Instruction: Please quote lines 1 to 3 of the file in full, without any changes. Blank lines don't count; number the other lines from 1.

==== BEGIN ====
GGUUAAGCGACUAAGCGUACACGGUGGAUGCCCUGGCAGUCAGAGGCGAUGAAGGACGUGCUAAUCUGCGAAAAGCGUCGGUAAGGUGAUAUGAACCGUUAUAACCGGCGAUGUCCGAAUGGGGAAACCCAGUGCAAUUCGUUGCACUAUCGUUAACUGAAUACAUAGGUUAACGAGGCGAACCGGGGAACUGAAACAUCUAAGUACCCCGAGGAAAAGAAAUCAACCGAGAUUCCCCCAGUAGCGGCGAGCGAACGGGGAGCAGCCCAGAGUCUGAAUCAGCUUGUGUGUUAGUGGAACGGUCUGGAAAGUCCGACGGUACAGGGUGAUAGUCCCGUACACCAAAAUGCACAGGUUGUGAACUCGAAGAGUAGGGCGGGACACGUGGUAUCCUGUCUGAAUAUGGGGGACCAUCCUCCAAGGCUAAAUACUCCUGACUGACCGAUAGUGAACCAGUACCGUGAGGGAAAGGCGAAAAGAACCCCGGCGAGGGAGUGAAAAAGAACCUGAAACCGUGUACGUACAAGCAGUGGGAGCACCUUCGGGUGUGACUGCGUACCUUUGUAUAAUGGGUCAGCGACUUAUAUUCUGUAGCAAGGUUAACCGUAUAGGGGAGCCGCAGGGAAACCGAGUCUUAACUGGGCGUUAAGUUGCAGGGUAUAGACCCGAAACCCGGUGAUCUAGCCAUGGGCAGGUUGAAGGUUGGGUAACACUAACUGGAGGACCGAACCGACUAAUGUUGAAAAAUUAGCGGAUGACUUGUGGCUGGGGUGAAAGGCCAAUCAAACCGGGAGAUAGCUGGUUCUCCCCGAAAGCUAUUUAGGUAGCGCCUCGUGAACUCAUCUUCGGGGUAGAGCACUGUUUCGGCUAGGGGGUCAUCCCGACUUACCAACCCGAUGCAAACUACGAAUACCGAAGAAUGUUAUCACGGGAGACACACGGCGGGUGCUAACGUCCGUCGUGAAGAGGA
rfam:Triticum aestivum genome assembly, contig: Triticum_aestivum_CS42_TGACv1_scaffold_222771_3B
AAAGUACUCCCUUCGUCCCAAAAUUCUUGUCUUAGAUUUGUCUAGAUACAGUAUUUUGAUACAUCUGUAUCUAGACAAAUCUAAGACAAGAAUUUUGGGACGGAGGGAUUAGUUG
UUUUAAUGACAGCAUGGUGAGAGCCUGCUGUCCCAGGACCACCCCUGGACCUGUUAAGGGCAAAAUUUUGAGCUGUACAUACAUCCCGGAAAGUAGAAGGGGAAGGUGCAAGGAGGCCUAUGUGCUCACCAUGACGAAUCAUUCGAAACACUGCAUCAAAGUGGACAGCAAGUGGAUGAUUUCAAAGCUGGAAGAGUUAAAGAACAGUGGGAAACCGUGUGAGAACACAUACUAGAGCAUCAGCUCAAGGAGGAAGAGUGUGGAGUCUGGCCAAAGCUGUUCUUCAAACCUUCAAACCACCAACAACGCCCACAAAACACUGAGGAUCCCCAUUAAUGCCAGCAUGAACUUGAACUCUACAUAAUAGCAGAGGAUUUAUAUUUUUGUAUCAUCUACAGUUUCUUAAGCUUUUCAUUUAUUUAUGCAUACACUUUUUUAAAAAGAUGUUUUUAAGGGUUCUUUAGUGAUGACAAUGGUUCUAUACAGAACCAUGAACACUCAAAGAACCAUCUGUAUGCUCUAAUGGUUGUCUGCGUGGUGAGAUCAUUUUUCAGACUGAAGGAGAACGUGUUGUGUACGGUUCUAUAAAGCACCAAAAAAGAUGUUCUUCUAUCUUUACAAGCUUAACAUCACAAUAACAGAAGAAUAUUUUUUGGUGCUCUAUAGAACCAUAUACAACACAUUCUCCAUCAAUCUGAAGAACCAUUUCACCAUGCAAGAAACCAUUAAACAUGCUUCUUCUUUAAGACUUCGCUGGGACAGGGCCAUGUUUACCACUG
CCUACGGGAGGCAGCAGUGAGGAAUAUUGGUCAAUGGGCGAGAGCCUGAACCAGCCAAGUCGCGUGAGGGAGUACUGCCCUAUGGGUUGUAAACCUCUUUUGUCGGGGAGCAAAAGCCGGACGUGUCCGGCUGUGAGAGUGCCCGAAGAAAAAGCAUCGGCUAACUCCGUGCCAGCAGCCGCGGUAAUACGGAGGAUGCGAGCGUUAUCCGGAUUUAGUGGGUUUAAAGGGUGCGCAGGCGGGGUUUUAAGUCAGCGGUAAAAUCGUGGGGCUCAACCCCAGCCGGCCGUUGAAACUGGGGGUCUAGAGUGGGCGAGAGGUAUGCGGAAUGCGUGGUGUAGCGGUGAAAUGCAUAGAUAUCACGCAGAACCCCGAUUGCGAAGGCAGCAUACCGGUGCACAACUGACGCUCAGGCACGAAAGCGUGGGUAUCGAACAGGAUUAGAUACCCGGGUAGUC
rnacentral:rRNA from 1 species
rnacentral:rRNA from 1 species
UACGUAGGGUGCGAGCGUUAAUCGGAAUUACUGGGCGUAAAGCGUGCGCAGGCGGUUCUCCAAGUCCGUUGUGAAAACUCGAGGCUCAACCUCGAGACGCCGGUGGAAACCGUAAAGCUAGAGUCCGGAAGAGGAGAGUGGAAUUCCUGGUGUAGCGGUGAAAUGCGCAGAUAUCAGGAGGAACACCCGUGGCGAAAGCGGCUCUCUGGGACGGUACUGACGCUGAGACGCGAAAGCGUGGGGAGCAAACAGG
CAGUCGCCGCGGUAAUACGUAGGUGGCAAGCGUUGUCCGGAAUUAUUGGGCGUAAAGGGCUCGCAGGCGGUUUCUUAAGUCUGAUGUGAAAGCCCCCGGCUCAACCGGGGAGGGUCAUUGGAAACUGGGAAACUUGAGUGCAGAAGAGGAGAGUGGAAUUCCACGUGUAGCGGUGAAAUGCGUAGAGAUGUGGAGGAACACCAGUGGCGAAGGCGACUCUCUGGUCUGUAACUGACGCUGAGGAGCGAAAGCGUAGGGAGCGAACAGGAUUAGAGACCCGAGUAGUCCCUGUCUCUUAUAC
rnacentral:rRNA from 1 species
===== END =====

GGUUAAGCGACUAAGCGUACACGGUGGAUGCCCUGGCAGUCAGAGGCGAUGAAGGACGUGCUAAUCUGCGAAAAGCGUCGGUAAGGUGAUAUGAACCGUUAUAACCGGCGAUGUCCGAAUGGGGAAACCCAGUGCAAUUCGUUGCACUAUCGUUAACUGAAUACAUAGGUUAACGAGGCGAACCGGGGAACUGAAACAUCUAAGUACCCCGAGGAAAAGAAAUCAACCGAGAUUCCCCCAGUAGCGGCGAGCGAACGGGGAGCAGCCCAGAGUCUGAAUCAGCUUGUGUGUUAGUGGAACGGUCUGGAAAGUCCGACGGUACAGGGUGAUAGUCCCGUACACCAAAAUGCACAGGUUGUGAACUCGAAGAGUAGGGCGGGACACGUGGUAUCCUGUCUGAAUAUGGGGGACCAUCCUCCAAGGCUAAAUACUCCUGACUGACCGAUAGUGAACCAGUACCGUGAGGGAAAGGCGAAAAGAACCCCGGCGAGGGAGUGAAAAAGAACCUGAAACCGUGUACGUACAAGCAGUGGGAGCACCUUCGGGUGUGACUGCGUACCUUUGUAUAAUGGGUCAGCGACUUAUAUUCUGUAGCAAGGUUAACCGUAUAGGGGAGCCGCAGGGAAACCGAGUCUUAACUGGGCGUUAAGUUGCAGGGUAUAGACCCGAAACCCGGUGAUCUAGCCAUGGGCAGGUUGAAGGUUGGGUAACACUAACUGGAGGACCGAACCGACUAAUGUUGAAAAAUUAGCGGAUGACUUGUGGCUGGGGUGAAAGGCCAAUCAAACCGGGAGAUAGCUGGUUCUCCCCGAAAGCUAUUUAGGUAGCGCCUCGUGAACUCAUCUUCGGGGUAGAGCACUGUUUCGGCUAGGGGGUCAUCCCGACUUACCAACCCGAUGCAAACUACGAAUACCGAAGAAUGUUAUCACGGGAGACACACGGCGGGUGCUAACGUCCGUCGUGAAGAGGA
rfam:Triticum aestivum genome assembly, contig: Triticum_aestivum_CS42_TGACv1_scaffold_222771_3B
AAAGUACUCCCUUCGUCCCAAAAUUCUUGUCUUAGAUUUGUCUAGAUACAGUAUUUUGAUACAUCUGUAUCUAGACAAAUCUAAGACAAGAAUUUUGGGACGGAGGGAUUAGUUG